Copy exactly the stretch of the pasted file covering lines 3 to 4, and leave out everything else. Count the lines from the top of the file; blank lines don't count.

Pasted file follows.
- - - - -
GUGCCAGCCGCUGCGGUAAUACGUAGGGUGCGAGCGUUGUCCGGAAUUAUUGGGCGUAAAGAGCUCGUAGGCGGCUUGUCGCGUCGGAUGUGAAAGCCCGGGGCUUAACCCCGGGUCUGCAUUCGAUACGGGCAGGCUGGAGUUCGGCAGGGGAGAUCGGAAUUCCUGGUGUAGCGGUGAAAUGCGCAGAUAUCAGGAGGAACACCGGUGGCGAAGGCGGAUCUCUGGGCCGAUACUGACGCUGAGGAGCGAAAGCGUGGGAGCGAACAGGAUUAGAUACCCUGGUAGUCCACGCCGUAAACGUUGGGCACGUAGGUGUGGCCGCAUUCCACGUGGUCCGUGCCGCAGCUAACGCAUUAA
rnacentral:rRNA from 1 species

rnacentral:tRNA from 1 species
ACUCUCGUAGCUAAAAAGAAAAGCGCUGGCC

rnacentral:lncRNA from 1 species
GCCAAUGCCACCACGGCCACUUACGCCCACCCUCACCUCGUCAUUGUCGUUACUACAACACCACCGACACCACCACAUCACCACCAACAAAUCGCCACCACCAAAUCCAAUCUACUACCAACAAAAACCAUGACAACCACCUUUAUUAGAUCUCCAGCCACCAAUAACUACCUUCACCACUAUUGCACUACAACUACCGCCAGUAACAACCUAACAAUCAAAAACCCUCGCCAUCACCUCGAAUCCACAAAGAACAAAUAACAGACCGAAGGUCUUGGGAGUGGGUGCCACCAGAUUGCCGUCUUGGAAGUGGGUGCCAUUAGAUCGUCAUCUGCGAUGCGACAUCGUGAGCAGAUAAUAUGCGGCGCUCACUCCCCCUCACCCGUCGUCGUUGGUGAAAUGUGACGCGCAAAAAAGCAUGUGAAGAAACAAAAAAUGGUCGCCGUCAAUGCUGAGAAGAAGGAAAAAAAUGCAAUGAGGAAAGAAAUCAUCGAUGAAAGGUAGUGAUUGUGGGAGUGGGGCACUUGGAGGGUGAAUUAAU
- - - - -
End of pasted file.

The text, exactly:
rnacentral:tRNA from 1 species
ACUCUCGUAGCUAAAAAGAAAAGCGCUGGCC